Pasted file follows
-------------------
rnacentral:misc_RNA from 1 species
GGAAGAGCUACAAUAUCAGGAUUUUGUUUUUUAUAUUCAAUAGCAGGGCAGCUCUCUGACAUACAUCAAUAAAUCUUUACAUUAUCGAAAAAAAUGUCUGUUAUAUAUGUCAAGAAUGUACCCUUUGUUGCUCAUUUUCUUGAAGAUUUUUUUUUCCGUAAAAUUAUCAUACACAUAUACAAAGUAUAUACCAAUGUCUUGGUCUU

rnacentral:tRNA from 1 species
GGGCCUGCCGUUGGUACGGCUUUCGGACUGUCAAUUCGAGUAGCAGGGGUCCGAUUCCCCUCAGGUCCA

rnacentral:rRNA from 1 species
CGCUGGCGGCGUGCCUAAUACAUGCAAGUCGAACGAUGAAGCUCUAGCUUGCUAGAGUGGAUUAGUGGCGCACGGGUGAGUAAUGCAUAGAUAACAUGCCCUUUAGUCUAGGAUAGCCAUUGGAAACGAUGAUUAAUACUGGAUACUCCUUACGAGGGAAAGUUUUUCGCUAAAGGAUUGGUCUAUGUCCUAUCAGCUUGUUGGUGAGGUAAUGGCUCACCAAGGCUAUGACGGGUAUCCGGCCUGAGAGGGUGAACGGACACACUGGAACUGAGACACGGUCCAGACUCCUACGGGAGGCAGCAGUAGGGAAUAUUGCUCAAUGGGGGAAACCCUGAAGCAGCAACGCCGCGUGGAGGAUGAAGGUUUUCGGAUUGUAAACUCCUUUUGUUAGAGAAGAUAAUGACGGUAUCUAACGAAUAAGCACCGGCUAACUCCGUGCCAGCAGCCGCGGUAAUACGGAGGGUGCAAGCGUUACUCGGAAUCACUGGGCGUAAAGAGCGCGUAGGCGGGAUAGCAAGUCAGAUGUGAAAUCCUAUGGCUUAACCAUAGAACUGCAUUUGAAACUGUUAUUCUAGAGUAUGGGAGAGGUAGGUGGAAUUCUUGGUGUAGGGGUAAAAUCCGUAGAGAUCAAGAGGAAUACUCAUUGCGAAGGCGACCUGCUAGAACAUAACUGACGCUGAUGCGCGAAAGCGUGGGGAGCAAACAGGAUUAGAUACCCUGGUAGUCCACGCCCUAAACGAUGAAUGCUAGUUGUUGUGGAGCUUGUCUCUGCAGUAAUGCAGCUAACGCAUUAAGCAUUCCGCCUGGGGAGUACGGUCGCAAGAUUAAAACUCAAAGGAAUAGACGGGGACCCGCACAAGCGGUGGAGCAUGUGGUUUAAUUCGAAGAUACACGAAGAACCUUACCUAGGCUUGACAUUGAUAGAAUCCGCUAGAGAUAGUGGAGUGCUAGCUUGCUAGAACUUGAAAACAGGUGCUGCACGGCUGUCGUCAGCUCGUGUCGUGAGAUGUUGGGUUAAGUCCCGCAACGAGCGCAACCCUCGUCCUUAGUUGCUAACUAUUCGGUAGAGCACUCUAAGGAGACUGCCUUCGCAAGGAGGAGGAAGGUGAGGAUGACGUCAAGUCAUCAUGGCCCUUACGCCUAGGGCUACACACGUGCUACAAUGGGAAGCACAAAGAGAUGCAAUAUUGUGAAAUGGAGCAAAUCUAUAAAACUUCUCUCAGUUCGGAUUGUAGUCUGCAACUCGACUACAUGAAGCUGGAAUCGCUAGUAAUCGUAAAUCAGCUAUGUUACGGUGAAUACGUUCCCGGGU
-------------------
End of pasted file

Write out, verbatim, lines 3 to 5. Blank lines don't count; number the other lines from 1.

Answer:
rnacentral:tRNA from 1 species
GGGCCUGCCGUUGGUACGGCUUUCGGACUGUCAAUUCGAGUAGCAGGGGUCCGAUUCCCCUCAGGUCCA

rnacentral:rRNA from 1 species